Topics include:

  • an information checklist before you invest in marketing activities
  • how to progress from a strategy to an action plan
  • exploring activities like advertising, PR, and sales promotions
  • understanding the 'who, why, what and where' of marketing.

Direct marketing laws and regulations

Direct marketing is governed by important privacy regulations. If you're planning to run a direct marketing campaign, you must:

  • be aware of all legal requirements
  • always meet these requirements
  • train your staff to meet these requirements.

Australian Privacy Principles

The Australian Privacy Principles (APP) explain how businesses should collect, use, secure and disclose information about individuals. In particular, you can refer to the section on direct marketing.

Read more about how your business must comply with the Privacy Act 1988 (Cwlth).

Do Not Call Register

The Australian Communications and Media Authority (ACMA) manages a Do Not Call Register to offer consumers the choice to opt out of receiving calls and faxes made from telemarketing call lists.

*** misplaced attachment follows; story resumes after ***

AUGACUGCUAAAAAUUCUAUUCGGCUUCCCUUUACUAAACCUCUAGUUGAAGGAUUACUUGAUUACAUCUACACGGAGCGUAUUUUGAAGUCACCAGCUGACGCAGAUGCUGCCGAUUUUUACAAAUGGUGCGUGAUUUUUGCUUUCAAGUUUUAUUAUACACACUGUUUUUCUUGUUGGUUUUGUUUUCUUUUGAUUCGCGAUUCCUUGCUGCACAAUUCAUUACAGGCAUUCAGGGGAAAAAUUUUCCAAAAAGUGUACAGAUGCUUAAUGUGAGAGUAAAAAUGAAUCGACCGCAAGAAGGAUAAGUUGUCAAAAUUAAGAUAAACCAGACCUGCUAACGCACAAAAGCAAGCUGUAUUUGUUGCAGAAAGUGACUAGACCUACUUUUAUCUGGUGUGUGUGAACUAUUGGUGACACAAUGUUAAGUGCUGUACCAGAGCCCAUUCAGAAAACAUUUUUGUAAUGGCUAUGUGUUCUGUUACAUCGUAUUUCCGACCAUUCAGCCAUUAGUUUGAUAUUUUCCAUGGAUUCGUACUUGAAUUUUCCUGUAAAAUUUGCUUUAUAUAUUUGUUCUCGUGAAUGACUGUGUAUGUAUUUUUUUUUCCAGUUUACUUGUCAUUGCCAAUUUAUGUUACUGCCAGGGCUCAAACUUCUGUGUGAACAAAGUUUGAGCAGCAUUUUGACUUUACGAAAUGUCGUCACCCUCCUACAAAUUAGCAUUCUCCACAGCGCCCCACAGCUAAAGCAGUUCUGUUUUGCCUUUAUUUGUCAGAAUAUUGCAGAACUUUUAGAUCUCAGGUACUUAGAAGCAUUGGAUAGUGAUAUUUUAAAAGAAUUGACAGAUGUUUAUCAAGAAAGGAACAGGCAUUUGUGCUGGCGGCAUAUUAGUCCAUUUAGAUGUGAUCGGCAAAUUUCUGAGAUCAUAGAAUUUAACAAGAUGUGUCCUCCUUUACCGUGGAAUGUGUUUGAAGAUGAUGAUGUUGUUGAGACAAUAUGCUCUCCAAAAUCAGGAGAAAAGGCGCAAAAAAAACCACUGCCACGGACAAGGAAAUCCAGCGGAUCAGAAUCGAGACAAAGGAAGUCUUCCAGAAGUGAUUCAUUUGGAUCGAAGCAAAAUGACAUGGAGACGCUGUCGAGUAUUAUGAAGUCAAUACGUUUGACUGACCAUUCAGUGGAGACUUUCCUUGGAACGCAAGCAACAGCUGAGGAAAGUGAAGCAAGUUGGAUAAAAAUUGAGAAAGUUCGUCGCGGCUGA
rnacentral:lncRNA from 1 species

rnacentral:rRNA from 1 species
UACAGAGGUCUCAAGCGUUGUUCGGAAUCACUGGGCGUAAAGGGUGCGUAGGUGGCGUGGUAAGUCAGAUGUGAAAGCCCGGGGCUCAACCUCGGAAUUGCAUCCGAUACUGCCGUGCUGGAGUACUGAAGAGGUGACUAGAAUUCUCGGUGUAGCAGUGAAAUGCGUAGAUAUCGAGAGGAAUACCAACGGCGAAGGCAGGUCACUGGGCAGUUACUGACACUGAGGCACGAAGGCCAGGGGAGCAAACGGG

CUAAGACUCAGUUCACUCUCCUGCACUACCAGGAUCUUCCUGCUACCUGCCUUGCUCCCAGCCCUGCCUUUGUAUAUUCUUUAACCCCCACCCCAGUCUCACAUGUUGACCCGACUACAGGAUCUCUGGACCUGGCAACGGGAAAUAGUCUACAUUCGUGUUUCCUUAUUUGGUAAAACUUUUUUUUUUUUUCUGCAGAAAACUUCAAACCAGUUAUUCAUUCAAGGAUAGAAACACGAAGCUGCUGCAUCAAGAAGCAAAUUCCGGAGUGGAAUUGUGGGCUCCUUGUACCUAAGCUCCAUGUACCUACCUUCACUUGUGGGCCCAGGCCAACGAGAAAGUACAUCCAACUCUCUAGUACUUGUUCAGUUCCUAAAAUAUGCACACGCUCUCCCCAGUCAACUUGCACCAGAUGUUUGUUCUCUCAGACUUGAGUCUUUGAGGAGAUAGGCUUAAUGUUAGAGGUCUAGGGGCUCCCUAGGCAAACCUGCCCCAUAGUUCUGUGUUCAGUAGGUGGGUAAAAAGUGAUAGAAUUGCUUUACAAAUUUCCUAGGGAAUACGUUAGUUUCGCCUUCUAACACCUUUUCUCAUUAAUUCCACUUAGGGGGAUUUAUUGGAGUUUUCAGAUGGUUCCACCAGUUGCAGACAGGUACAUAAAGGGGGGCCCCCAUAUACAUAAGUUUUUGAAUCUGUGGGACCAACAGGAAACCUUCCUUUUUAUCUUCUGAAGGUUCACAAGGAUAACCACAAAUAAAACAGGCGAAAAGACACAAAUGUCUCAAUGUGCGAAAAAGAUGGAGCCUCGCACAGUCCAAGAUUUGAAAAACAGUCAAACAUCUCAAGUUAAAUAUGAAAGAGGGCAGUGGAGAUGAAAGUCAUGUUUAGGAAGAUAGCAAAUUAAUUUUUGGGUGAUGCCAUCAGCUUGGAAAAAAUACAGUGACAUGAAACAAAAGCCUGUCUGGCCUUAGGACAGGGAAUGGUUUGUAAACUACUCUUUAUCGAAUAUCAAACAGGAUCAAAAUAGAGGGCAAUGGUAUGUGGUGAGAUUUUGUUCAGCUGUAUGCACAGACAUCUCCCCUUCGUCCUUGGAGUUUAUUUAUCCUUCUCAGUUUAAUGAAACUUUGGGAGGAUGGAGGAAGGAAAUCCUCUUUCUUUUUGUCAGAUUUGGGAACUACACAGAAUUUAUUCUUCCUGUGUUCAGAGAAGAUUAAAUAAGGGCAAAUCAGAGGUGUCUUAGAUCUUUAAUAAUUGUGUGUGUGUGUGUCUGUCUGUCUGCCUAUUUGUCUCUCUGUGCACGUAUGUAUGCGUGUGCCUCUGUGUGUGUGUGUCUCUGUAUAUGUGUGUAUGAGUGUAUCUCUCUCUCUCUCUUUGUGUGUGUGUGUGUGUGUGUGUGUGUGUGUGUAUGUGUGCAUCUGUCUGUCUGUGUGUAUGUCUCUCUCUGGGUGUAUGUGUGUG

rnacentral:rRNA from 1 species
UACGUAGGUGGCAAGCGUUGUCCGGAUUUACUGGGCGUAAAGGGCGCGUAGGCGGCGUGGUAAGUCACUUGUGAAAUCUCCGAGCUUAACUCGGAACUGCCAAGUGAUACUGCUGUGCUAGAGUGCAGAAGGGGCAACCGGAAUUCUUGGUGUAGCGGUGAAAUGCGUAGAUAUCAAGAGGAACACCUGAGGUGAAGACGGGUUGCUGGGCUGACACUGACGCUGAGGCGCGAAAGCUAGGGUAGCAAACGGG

Find out more about your obligations under the Do Not Call Act 2006 (Cwlth).

The Spam Act

The Spam Act 2003 (Cwlth) applies to email marketing and text messaging. Under Australian law, it is illegal to send commercial electronic messages that are unsolicited.

Discover more about the spam regulations and your responsibilities.

You can buy a list of contacts matching your target profile only if these contacts have agreed to receive messages from third parties.

Industry self-regulation

The principal industry body, Association for Data-Driven Marketing and Advertising (ADMA), provide up-to-date information on responsible and effective direct marketing practices.